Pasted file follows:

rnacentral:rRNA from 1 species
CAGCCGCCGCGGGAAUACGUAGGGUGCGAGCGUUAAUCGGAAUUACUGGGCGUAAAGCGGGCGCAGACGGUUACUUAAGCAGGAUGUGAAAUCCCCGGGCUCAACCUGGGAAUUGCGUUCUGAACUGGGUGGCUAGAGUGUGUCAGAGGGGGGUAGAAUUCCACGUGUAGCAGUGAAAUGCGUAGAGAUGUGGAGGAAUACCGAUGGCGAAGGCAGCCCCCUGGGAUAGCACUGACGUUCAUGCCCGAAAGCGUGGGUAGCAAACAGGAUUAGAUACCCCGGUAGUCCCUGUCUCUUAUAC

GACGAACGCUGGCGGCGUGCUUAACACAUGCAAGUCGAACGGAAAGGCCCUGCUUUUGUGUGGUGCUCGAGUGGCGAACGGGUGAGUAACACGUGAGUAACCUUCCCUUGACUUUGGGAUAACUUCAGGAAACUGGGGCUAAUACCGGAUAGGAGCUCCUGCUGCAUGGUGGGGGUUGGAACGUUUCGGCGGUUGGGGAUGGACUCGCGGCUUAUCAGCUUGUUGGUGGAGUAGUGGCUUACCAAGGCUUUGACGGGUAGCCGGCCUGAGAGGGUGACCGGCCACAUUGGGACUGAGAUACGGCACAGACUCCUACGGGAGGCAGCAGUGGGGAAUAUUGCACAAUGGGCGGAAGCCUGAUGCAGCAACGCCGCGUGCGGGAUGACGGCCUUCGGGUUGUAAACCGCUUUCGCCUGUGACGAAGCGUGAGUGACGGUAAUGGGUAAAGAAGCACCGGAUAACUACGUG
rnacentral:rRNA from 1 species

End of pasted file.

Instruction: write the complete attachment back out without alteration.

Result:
rnacentral:rRNA from 1 species
CAGCCGCCGCGGGAAUACGUAGGGUGCGAGCGUUAAUCGGAAUUACUGGGCGUAAAGCGGGCGCAGACGGUUACUUAAGCAGGAUGUGAAAUCCCCGGGCUCAACCUGGGAAUUGCGUUCUGAACUGGGUGGCUAGAGUGUGUCAGAGGGGGGUAGAAUUCCACGUGUAGCAGUGAAAUGCGUAGAGAUGUGGAGGAAUACCGAUGGCGAAGGCAGCCCCCUGGGAUAGCACUGACGUUCAUGCCCGAAAGCGUGGGUAGCAAACAGGAUUAGAUACCCCGGUAGUCCCUGUCUCUUAUAC

GACGAACGCUGGCGGCGUGCUUAACACAUGCAAGUCGAACGGAAAGGCCCUGCUUUUGUGUGGUGCUCGAGUGGCGAACGGGUGAGUAACACGUGAGUAACCUUCCCUUGACUUUGGGAUAACUUCAGGAAACUGGGGCUAAUACCGGAUAGGAGCUCCUGCUGCAUGGUGGGGGUUGGAACGUUUCGGCGGUUGGGGAUGGACUCGCGGCUUAUCAGCUUGUUGGUGGAGUAGUGGCUUACCAAGGCUUUGACGGGUAGCCGGCCUGAGAGGGUGACCGGCCACAUUGGGACUGAGAUACGGCACAGACUCCUACGGGAGGCAGCAGUGGGGAAUAUUGCACAAUGGGCGGAAGCCUGAUGCAGCAACGCCGCGUGCGGGAUGACGGCCUUCGGGUUGUAAACCGCUUUCGCCUGUGACGAAGCGUGAGUGACGGUAAUGGGUAAAGAAGCACCGGAUAACUACGUG
rnacentral:rRNA from 1 species